Abstract 2803: Multiple Biomarkers For The Prediction Of Cardiac Events In Chronic Heart Failure Patients
Backgrounds: Chronic heart failure (CHF) still represents the major cause of death and hospitalization. Although there is substantial interest in the use of newer biomarkers to identify CHF patients (risk assessment and prevention for cardiac events) recently, few investigations have evaluated the incremental usefulness of combination of multiple biomarkers. Measurement of several biomarkers simultaneously could enhance risk stratification. We therefore evaluated the usefulness of 7 known biomarkers for predicting cardiac events.
Methods and Results: We analyzed 7 biomarkers (BNP, uric acid, Na, hemoglobin, creatinine, creatinine clearance, high sensitive CRP) which are known as established prognostic markers for CHF in consecutive 399 CHF patients. When there was an abnormal value, we scored it for one point to calculate multimarker score. Patients were categorized tertiles according to multimarker score. Patients with the high tertile were older and had more severe NYHA class and lower ejection fraction than those with low and intermediate tertiles. There were 135 cardiac events including cardiac deaths and readmissions for worsening CHF during follow-up period. A Cox proportional hazard model showed that patients with high tertile were associated with the highest risk of cardiac events compared with other two tertiles (Figure A⇓). Kaplan-Meier analysis revealed that tertile analysis effectively risk stratified CHF patients for cardiac events (Figure B⇓).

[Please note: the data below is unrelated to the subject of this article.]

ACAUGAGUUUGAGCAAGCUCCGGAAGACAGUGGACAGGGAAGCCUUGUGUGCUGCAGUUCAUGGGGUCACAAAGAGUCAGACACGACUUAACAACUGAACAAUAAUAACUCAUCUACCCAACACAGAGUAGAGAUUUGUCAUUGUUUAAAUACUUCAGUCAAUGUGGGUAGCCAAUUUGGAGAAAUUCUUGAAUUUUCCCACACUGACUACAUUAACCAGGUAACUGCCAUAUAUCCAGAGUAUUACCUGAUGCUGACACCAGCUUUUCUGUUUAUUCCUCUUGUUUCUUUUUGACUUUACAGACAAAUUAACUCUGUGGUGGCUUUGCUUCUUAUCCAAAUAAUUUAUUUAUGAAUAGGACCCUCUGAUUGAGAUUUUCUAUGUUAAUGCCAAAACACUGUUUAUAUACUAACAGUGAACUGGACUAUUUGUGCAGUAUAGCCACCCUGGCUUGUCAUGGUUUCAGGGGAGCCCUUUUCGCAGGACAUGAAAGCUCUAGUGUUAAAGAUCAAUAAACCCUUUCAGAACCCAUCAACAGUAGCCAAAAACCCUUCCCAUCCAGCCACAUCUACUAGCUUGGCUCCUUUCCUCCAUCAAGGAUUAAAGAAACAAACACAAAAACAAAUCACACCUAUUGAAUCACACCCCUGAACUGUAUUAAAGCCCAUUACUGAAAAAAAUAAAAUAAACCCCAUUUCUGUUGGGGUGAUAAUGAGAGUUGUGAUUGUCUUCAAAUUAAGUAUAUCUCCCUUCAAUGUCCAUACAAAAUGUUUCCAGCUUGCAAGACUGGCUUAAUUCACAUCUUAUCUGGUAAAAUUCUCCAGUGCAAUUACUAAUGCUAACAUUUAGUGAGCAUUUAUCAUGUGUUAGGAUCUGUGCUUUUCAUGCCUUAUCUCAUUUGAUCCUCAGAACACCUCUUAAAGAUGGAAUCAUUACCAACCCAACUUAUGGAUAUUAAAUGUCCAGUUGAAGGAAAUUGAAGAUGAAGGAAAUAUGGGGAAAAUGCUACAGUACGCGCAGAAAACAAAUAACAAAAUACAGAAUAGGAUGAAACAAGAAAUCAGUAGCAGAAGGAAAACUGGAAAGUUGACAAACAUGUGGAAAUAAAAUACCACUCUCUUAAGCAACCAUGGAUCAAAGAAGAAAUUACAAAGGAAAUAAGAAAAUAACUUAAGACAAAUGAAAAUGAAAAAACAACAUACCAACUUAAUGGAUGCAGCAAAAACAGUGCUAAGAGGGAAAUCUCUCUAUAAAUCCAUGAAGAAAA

Conclusions: These findings suggest that the combination of the multi-biomarkers could potentially improve the risk stratification of CHF patiens for the prediction of cardiac events.